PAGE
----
Just a quick post today, because my mind has been blown by a post from Pastor Brian Zahnd and I wanted to get the thoughts down quickly, at least while we’re still in the Christmas season.
See, Luke 2:13 talks of a heavenly host of angels appearing to the shepherds and announcing the birth of Jesus. And we’re so used to nativity plays depicting this as little girls in white frocks and tinsel halos that we miss something important.
The ‘host’ is an army.
The Greek word used is ‘stratia’, which has martial connotations, and throughout the Old Testament, God is described as the Lord of Hosts, which again is military imagery. This may be a choir, but it’s a choir of soldiers.
Now, put this into context: Israel is ruled by the Roman Empire. There are troops on the streets. The inhabitants have a long history of knowing what it means for an army to turn up. But this time the army is on their side, right? After all, the angels talk about good news and a saviour and peace; all terms associated with Caesar but which are now being given to Israel’s Messiah.
A choir singing this would be radical enough. Make it an army and maybe the shepherds could be forgiven for thinking that God was about to sweep in and destroy Herod and Caesar and any other enemy of God.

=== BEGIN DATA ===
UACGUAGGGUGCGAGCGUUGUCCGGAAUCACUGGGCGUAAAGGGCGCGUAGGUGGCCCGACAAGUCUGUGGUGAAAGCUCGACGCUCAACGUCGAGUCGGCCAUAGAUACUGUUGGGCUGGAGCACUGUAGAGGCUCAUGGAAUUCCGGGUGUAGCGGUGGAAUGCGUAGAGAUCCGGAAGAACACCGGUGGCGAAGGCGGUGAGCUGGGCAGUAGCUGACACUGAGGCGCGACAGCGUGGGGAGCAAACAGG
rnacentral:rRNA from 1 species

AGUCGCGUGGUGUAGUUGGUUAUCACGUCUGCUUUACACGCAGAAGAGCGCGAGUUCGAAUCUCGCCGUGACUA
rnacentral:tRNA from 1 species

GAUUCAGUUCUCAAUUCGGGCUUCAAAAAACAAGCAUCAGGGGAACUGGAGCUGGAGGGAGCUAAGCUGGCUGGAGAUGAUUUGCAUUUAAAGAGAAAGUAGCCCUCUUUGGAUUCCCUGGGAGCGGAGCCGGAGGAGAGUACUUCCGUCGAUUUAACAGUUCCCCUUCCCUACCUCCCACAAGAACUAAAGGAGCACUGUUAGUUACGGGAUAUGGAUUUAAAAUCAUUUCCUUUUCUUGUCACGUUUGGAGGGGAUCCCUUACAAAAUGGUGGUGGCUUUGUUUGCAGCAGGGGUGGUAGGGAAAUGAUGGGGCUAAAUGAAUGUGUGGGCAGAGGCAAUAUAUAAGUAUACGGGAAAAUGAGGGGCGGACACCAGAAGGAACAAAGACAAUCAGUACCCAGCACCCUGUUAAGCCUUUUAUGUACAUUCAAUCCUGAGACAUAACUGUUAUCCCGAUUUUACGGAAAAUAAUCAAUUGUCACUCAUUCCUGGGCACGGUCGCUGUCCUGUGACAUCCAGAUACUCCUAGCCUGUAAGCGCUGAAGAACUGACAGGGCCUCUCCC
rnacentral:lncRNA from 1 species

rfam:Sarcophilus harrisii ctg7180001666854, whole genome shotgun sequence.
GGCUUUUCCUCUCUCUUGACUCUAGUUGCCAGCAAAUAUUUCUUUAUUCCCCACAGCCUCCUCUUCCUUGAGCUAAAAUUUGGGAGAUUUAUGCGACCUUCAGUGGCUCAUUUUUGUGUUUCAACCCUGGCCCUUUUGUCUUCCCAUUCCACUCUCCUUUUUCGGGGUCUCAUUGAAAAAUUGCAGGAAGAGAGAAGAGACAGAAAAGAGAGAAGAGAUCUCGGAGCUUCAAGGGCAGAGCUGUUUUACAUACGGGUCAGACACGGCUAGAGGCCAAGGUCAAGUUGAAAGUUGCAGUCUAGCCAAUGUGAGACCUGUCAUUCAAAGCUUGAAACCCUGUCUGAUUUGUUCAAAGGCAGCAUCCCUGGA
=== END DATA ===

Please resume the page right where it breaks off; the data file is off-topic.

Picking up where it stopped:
And yet that’s not what happens; as Zahnd points out, there’s more singing than fighting. The Kingdom of God does not arrive through violence, even violence from righteous angels. It arrives through the death and resurrection of Jesus Christ. The story starts here with a song, but it truly finds its ultimate fulfilment in Easter.
Maybe that exposes some of our idolatry. Military might can appear a whole lot more present and physical than the Now-But-Not-Yet Kingdom of Christ, and maybe we’d prefer the reign of God to come through guns and drones and aircraft carriers; praise the Lord and pray he’ll pass us the ammunition. Heck, not long after the angels appeared to the shepherds, Herod slaughtered innocent children in an attempt to assassinate the Messiah. There were parents around Bethlehem who might have been glad of an angelic army.
It’s hard to see a kingdom of peace when your standing in the craters of empire, so hard, in fact, that we can lose the ability to remember that God doesn’t have to play by our rules and with our toys; he can create and resurrect his own Kingdom, rather than build on our broken foundations, no matter how hard that may be to see from the perspective of a year like 2014.
Maybe this is why a particular line from a carol has resonated with me this week:
And man at war with man hears not,
The love song that they bring.
O hush the noise, ye men of strife,
And hear the angels sing.
We look to God’s army, but we don’t listen to their song; we look for power but we don’t recognise it in cross or cradle. In 2015, let’s pray that this would change.